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An image of an LTA officer checking the undercarriage of a Mazda RX8 with a flashlight is circulating on WhatsApp group chats and social media. In the image (see full image below), we can tell that this incident happened sometime at night and it's at a HDB estate. Image taken from Roads.sg Just so you know, LTA officers are obligated to come down and visit you whenever they receive a complaint about your vehicle. It could be illegal parking matters or of course illegal modifications, which is exactly what the LTA officer is checking for in the image. The best part about these visits is that you won’t even know about them! Upon inspection and if found guilty of modification violations, you’ll only hear about their visit through a letter from LTA accompanied with a fine/summon that will probably tear a hole through your *censored*. Why people want to “sabo” you If you’ve done modifications to your car and someone made a complaint against you, it could be a couple of reasons 1. They have nothing better to do and damn cb 2. They cannot tolerate the disturbance your car causes to the neighbourhood Generally when people complain, it’s because of No.2. What should you do if you don’t want people to call the polis? LTA has very clear guidelines as to what modifications need or don’t need LTA’s approval. They’ve also included modifications that are specifically not allowed. Everything else not mentioned, is fair game. Taken from LTA.gov.sg Keep within the guidelines and LTA won’t touch your car. As you can see, not everyone appreciates how loud your vehicles are. Especially in residential areas. Like, why? Louder isn’t always better. Facebook comments and feature image taken from Roads.sg Also, we aren't in America where we can own the car for a lifetime. It's just a 10-year lease! Don't need mod lah! Call 1800 2255 582 for the LTA customer service hotline if a car is disrupting your peace.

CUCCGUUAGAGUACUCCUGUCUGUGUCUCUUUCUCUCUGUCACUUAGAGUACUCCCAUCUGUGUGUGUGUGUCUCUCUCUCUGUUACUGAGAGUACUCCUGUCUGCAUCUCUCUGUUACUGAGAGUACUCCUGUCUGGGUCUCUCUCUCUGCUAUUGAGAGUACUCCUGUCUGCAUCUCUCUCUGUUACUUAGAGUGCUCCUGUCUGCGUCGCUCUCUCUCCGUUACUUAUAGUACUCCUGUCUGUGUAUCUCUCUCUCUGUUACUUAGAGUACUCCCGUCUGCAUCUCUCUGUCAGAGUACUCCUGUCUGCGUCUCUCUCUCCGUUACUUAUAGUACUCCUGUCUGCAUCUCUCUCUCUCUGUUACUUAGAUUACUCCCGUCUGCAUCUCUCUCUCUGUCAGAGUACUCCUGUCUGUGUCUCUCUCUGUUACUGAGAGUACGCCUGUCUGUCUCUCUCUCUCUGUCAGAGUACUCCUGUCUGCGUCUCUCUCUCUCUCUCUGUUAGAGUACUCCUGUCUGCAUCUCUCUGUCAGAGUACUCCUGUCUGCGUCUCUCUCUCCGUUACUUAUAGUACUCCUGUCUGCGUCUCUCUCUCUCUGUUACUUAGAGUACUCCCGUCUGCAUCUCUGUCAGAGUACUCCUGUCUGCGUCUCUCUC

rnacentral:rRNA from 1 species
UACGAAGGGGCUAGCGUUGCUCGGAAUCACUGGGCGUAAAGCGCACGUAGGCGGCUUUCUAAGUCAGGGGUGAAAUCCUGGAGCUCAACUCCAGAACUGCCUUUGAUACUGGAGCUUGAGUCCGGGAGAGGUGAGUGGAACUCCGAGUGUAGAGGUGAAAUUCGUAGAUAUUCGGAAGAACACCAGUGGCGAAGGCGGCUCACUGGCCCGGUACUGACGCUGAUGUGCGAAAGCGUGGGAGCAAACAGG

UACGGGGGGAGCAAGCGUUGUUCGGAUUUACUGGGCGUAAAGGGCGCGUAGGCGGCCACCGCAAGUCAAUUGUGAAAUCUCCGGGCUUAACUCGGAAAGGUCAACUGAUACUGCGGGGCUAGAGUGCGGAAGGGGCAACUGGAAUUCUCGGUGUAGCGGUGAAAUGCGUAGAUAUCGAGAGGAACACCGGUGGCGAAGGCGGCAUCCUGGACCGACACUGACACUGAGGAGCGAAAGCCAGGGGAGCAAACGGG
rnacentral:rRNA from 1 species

It's no longer a secret that car modifications are something favoured by plenty of car owners out there. In fact, some even feel proud if they are able to modify their car and give it a cooler look than any other cars out there. This is also felt by Kelvin, a young man from Bandung, Indonesia. Kelvin is an owner of a Toyota Ist, a hatchback from Japanese automaker Toyota. At first, Kelvin wasn't really a modification enthusiast and he was only used to dressing up his car a little. Nevertheless, living among several extreme car modification enthusiasts, he was eventually plagued by the car modification virus as well. As a result, his dressed up Toyota Ist changed completely. The first thing that came to his mind was how his car could catch the eyes of passer bys. For this, he chose a candy gold paint. According to Kelvin, not only can this colour catch people's eyes, it also has a high artistic value. It took two months for the Signal Kustom modification house to paint the car completely and, quite perfectly, too. The result was indeed eyecatching. However, a nice body paint wouldn't be complete if not accompanied by nice body kits as well. Therefore, Kelvin decided that he would use a VeilSide product and finally chose one that's actually meant for use with the Nissan 350Z Fairlady. As you can tell, the installation of this body kit required a lot of work due to the different curves and dimensions on the car from those of the Fairlady. Things got even trickier when Kelvin demanded that the body kits should be easily detachable. Unfortunately, not all parts of the car, such as the bumpers, could be made so. Kelvin's demand for the detachable body kits could only be applied on the front spoiler, front/rear fenders, side skirts, and the engine hood which featured air vents on the centre and the sides of it. The next thing to pay attention to was the rims. To match the bloating fenders, Kelvin had to use 8.5" rims (front) and 10" rims (rear). For the design and appearance of the rims to look attractive, Kelvin decided that he would use six-spoke rims painted in gold, too, just like the body of the car, surrounded by a chrome accent. For the interior, Kelvin only applied minor modifications. He modified the audio and applied leather material to the seats. Unfortunately, though, all the modifications seem useless in the end. You can say it was nothing but wasting money. For your information, though, Kelvin's Toyota Ist did win several trophies. Costing Rp150 million in total, the Ist was reverted to its original look with only minor modifications just within a month after the makeover was completed. We don't think it's worth the hard work and the total cost incurred in modifying his car. What do you think? Photo credit: Kompas Otomotif